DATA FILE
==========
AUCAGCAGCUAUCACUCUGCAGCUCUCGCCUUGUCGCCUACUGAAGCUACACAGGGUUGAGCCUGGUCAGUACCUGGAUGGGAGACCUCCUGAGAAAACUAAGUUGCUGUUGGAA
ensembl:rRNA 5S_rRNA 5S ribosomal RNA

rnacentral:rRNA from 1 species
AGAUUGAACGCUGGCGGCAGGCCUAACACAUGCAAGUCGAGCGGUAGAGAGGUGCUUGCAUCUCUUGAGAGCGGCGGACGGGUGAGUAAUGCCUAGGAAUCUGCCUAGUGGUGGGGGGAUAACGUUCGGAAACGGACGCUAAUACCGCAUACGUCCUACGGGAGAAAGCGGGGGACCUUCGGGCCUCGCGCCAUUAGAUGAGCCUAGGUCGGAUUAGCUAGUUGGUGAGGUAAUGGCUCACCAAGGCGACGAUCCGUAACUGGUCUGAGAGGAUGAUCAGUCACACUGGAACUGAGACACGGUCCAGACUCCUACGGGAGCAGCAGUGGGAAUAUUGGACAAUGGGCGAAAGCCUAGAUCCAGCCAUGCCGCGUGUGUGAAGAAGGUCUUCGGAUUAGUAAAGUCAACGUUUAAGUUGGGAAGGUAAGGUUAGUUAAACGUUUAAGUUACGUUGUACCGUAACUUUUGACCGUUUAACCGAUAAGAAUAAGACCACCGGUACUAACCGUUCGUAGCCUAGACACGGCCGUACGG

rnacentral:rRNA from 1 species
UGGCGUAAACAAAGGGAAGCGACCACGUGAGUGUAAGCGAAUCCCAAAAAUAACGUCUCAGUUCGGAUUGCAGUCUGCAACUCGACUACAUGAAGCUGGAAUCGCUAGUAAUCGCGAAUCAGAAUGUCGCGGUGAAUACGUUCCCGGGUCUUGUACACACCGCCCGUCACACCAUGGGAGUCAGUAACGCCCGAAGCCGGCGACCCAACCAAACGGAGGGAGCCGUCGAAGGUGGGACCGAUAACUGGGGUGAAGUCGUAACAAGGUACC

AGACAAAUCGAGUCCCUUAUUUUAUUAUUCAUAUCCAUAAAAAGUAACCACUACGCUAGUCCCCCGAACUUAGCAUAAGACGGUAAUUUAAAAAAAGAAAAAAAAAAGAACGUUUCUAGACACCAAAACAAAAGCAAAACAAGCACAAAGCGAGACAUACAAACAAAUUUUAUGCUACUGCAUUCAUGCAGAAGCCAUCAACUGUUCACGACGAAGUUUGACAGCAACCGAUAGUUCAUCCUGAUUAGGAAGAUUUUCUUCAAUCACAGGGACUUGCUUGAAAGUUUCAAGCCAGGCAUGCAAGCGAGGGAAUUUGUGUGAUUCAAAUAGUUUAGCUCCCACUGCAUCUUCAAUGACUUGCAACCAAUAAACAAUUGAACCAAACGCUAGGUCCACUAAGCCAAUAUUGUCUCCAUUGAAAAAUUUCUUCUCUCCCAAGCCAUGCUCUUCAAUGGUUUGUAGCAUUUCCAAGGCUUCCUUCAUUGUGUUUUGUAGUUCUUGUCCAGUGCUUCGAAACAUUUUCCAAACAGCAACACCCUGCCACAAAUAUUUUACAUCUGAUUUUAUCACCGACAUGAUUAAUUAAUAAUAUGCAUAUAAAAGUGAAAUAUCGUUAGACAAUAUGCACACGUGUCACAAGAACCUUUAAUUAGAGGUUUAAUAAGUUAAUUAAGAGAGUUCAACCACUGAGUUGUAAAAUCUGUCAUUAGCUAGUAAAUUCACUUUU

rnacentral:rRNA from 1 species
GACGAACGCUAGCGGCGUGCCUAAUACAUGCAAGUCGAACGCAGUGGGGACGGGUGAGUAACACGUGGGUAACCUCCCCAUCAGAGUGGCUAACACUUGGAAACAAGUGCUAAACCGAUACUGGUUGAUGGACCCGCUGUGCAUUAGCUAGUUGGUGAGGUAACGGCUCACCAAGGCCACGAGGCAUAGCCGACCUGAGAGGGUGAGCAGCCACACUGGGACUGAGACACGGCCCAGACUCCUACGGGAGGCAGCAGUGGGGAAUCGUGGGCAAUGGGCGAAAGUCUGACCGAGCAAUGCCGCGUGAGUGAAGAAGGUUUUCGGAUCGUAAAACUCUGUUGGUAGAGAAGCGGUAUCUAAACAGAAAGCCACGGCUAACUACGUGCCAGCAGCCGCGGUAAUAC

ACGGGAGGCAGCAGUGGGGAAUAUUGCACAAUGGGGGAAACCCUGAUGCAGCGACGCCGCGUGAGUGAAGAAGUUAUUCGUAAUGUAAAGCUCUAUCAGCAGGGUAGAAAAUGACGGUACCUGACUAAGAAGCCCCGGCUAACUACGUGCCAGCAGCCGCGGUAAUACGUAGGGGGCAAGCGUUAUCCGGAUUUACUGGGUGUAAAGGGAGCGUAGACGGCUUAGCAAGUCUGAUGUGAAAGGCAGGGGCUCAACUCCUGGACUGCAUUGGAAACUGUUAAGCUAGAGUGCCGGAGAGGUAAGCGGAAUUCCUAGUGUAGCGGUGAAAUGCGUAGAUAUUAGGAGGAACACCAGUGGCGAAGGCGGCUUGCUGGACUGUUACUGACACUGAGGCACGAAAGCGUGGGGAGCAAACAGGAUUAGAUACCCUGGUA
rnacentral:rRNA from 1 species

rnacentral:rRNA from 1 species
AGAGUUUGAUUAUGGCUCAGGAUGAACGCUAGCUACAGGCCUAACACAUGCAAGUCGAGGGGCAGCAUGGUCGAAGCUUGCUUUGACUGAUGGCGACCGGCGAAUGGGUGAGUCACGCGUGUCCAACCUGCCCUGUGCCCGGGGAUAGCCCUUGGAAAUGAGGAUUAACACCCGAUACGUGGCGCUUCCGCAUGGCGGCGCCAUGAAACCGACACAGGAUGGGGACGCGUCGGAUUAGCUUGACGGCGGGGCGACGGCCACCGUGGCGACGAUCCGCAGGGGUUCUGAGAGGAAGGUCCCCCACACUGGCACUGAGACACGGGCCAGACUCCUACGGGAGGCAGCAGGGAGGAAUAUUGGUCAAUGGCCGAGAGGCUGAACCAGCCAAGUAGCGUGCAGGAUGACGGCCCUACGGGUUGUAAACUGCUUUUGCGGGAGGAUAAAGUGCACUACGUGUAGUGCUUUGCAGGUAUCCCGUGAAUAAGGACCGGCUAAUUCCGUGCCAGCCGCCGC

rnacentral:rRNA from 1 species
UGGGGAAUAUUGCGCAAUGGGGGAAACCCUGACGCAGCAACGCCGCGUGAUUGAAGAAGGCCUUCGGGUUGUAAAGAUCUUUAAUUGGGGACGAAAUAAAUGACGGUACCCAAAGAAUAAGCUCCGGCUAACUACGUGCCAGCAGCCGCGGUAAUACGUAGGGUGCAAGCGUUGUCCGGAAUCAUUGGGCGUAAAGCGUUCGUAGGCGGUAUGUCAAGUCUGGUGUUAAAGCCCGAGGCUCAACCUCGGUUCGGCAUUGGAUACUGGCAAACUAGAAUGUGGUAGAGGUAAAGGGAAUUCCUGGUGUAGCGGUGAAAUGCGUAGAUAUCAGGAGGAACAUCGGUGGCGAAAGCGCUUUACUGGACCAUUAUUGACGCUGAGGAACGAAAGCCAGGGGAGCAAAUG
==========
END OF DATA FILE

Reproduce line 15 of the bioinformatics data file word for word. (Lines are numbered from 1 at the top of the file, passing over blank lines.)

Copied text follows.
UGGGGAAUAUUGCGCAAUGGGGGAAACCCUGACGCAGCAACGCCGCGUGAUUGAAGAAGGCCUUCGGGUUGUAAAGAUCUUUAAUUGGGGACGAAAUAAAUGACGGUACCCAAAGAAUAAGCUCCGGCUAACUACGUGCCAGCAGCCGCGGUAAUACGUAGGGUGCAAGCGUUGUCCGGAAUCAUUGGGCGUAAAGCGUUCGUAGGCGGUAUGUCAAGUCUGGUGUUAAAGCCCGAGGCUCAACCUCGGUUCGGCAUUGGAUACUGGCAAACUAGAAUGUGGUAGAGGUAAAGGGAAUUCCUGGUGUAGCGGUGAAAUGCGUAGAUAUCAGGAGGAACAUCGGUGGCGAAAGCGCUUUACUGGACCAUUAUUGACGCUGAGGAACGAAAGCCAGGGGAGCAAAUG